3 out of 4 stars
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Battle in Spring Sleet by Lila Rhodes is a historical fiction novel about the battle of Palm Sunday in England during the spring of 1461. The story follows a group of men who survive the battle and look for a way back home. The writer’s style is direct, casual, and informal, while he also uses linguistic terms from the 15th century, thereby successfully placing the reader in the historical setting.
The author introduces the main character, who is named Albin, as well as his cousin, who is nicknamed Birdface. Albin and Birdface are enlisted in King Henry’s army, so they fight against the rebels following Edward of York, who has committed treason. Another man, named George, is in King Henry’s army, but Albin dislikes him because they both want the same woman, who is called Genovefa. Albin is an archer in the battle, so he asks for courage and accurate marksmanship from Saint Sebastian during the morning of the Palm Sunday battle. King Henry’s side begins losing, as the rebels advance, while Albin’s right hand is injured. How will Albin evade the rebels? What will happen to Albin’s companions?
There were plenty of strengths to this book. To begin with, the story contained numerous historical details that were accurate. In particular, the author used language from the 1400s to add authenticity and realism to the text. Additionally, the writer added creativity and originality to the book through the unique storyline of the novel, which is different from other historical fiction stories. What I liked most about the book was that it had tension, suspense, and intense emotion, as the author used cliffhangers and descriptive techniques, thus avoiding creating a dull and uninteresting plot.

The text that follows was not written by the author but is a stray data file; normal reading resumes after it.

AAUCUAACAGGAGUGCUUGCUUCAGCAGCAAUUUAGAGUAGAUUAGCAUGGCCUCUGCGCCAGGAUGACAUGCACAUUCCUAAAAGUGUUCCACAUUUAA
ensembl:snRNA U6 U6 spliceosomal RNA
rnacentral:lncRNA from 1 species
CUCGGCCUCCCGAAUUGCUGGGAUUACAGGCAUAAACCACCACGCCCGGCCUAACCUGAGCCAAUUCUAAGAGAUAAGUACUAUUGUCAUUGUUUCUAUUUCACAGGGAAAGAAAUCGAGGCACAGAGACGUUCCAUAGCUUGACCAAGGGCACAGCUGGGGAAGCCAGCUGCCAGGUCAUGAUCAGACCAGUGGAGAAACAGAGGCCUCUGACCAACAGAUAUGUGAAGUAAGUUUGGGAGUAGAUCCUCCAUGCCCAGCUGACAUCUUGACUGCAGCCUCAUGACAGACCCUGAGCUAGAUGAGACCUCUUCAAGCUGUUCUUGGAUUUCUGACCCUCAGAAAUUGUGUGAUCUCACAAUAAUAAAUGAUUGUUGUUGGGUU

What I disliked most about the text was that the author made too many grammatical errors when taking into account the small length of the book. As a result, this novel requires another round of professional editing.
This book will be enjoyed most by fans of historical fiction and medieval England. All the main characters in the story are men, so male readers will find this novel more interesting. Catholic readers will prefer this book since it is written from a Catholic point of view, with references to Catholic monks and saints.
To conclude, this book deserves a score of 3 out of 4 stars. A perfect score was not given to this particular novel because of its grammatical mistakes. Nevertheless, I could not justify giving it a lower rating, as it was original, authentic, historically accurate, and exciting.
Battle in Spring Sleet
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